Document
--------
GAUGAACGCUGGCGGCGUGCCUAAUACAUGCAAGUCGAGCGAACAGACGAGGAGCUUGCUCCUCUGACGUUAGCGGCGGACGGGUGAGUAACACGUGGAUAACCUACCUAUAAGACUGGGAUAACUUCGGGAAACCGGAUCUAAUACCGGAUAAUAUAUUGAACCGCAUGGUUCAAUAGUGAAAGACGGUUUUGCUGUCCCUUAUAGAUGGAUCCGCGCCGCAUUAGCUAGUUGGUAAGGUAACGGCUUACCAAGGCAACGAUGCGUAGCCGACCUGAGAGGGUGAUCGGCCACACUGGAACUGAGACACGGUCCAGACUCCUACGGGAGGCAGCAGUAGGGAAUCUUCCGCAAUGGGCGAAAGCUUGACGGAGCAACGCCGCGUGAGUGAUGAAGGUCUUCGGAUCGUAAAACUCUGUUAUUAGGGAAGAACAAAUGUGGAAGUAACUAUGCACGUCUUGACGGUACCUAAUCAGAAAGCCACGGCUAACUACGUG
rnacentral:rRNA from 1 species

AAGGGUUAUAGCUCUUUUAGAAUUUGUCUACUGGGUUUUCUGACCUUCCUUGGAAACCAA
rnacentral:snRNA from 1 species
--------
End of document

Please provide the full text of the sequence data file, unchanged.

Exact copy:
GAUGAACGCUGGCGGCGUGCCUAAUACAUGCAAGUCGAGCGAACAGACGAGGAGCUUGCUCCUCUGACGUUAGCGGCGGACGGGUGAGUAACACGUGGAUAACCUACCUAUAAGACUGGGAUAACUUCGGGAAACCGGAUCUAAUACCGGAUAAUAUAUUGAACCGCAUGGUUCAAUAGUGAAAGACGGUUUUGCUGUCCCUUAUAGAUGGAUCCGCGCCGCAUUAGCUAGUUGGUAAGGUAACGGCUUACCAAGGCAACGAUGCGUAGCCGACCUGAGAGGGUGAUCGGCCACACUGGAACUGAGACACGGUCCAGACUCCUACGGGAGGCAGCAGUAGGGAAUCUUCCGCAAUGGGCGAAAGCUUGACGGAGCAACGCCGCGUGAGUGAUGAAGGUCUUCGGAUCGUAAAACUCUGUUAUUAGGGAAGAACAAAUGUGGAAGUAACUAUGCACGUCUUGACGGUACCUAAUCAGAAAGCCACGGCUAACUACGUG
rnacentral:rRNA from 1 species

AAGGGUUAUAGCUCUUUUAGAAUUUGUCUACUGGGUUUUCUGACCUUCCUUGGAAACCAA
rnacentral:snRNA from 1 species